Indian businessman Vivek Ranadive will keep the Sacramento Kings in California's capital and represents a new trend of foreign NBA owners, writes Steve Dilbeck.
NBA: Indian businessman is the saviour for Sacramento Kings
The NBA quietly made a little history on Friday. The attention mostly went elsewhere when a highly tumultuous ownership period for the Sacramento Kings finally ended with their sale.
After almost moving to Anaheim in 2011 and to Seattle earlier this year, small-market Sacramento celebrated keeping of the only major professional franchise located in the California capital.
Only there was another celebration, albeit less noticed. The Kings new ownership group was led by Vivek Ranadive, a software tycoon from the Silicon Valley who was born in India.
International ownership is coming to American sports. Last year, it was Russian billionaire Mikhail Prokhorov purchasing New Jersey Nets, and now Randadive becomes the first majority owner of an NBA team from India.
Commissioner David Stern has pushed for expanding the NBA worldwide, and what better way than with owners from around the globe?
Stern has someone who shares his vision in Ranadive, who reportedly came to the Unites States at age 17 with US$50 (Dh184) in his pocket to attend MIT and later Harvard, before establishing a pair of giant software companies.
"It's going to be exciting," Ranadive told USA Today. "We're going to build a global brand with the Kings. We're going to give the fans the product that they deserve."
Ranadive, 55, watched from over 100 miles east of Sacramento as the Maloof family tried to sell the maligned franchise.
They thought they finally had an agreement to sell the team to a group from Seattle for $406 million.
But new Sacramento mayor Kevin Johnson, a former NBA star, pledged he would not see the team leave without a fight. He sought new owners to purchase the team and keep it in Sacramento, and Ranadive came forward.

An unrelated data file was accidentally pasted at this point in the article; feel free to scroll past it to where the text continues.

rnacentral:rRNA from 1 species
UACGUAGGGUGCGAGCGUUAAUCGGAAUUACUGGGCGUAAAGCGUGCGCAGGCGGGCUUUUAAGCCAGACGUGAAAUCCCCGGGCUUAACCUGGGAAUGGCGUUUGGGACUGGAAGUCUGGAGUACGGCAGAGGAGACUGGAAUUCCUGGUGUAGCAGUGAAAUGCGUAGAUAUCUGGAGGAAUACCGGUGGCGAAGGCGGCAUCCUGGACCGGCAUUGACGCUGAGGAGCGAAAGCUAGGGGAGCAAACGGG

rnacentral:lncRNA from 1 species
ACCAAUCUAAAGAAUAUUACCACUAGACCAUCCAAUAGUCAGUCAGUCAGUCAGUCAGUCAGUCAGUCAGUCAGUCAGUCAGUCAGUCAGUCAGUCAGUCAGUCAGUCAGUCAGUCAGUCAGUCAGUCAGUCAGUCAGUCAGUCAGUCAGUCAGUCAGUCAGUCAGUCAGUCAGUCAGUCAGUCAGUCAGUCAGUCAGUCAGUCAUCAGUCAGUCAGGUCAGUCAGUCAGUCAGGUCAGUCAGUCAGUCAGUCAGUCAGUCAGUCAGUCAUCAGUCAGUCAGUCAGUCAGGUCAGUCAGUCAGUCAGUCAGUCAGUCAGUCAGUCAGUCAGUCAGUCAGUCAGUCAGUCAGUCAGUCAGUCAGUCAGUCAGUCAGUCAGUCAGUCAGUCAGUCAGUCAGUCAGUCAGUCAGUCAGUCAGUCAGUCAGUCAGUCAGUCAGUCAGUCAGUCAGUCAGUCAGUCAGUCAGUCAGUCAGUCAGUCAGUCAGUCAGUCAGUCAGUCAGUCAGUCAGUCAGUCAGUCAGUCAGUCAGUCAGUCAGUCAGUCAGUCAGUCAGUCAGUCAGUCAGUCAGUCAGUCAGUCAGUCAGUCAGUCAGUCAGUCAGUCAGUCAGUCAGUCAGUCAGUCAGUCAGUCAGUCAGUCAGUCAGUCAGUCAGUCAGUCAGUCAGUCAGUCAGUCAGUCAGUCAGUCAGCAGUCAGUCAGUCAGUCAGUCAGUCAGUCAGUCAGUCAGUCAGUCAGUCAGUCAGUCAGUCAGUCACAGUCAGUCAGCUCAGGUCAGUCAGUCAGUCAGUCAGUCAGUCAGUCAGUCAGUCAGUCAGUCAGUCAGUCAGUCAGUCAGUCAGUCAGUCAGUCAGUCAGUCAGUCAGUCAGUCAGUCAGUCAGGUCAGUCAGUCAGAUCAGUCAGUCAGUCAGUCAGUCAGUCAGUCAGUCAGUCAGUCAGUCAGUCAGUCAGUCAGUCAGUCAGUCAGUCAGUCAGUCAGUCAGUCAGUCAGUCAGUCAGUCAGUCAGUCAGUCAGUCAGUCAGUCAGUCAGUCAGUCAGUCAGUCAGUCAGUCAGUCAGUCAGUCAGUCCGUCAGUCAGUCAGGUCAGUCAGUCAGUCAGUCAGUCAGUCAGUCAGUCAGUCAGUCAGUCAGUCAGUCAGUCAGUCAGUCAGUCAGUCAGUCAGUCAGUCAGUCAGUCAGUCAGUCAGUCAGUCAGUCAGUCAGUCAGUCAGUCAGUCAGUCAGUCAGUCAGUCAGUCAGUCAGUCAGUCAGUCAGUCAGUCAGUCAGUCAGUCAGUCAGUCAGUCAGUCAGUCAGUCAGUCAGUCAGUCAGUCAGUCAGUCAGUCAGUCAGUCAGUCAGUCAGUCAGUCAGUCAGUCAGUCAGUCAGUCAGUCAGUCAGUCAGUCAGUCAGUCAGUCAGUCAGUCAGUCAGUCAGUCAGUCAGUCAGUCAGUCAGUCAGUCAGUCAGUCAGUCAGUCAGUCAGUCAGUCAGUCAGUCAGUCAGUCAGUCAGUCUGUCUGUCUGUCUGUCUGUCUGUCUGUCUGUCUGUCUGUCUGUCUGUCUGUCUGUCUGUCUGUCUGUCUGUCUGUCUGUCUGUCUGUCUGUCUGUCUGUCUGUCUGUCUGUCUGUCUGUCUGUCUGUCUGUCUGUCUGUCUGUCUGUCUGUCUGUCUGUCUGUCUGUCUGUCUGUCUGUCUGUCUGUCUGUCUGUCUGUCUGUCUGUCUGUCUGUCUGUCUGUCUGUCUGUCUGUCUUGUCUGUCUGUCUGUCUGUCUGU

Johnson was quickly sold on Ranadive.
"He understands technology and start-ups. He's built businesses," Johnson said. "He's a visionary."
That was what they concluded when his first major company, Teknekron Software Systems, was credited with digitising Wall Street in the 1980s. He took the same software principles to his next creation, Tibco in the Silicon Valley, which now counts among its clients Sony, FedEx and the US Air Force. The company is valued at $4 billion.
"I'm going to do what I do in my business, which is surround myself with people that are way smarter than me," he said.
He has already been busy. Ranadive and his group purchased 65 per cent of the Kings for an NBA record $535m. Hours after closing the deal, he fired Kings coach Keith Smart and hired Mike Malone, a former assistant coach with the Warriors.
The NBA has given Ranadive a 2017 deadline to build a new arena in downtown Sacramento, which despite the Maloofs's difficulties in getting it done, his group is confident can be accomplished a year earlier.
Ranadive has nothing if not big plans for a team that has not been to the play-offs in seven years.
"I think basketball will be for the 21st century what soccer was for the 20th," he said. "With globalisation, the growth is going to come from places like India and China."
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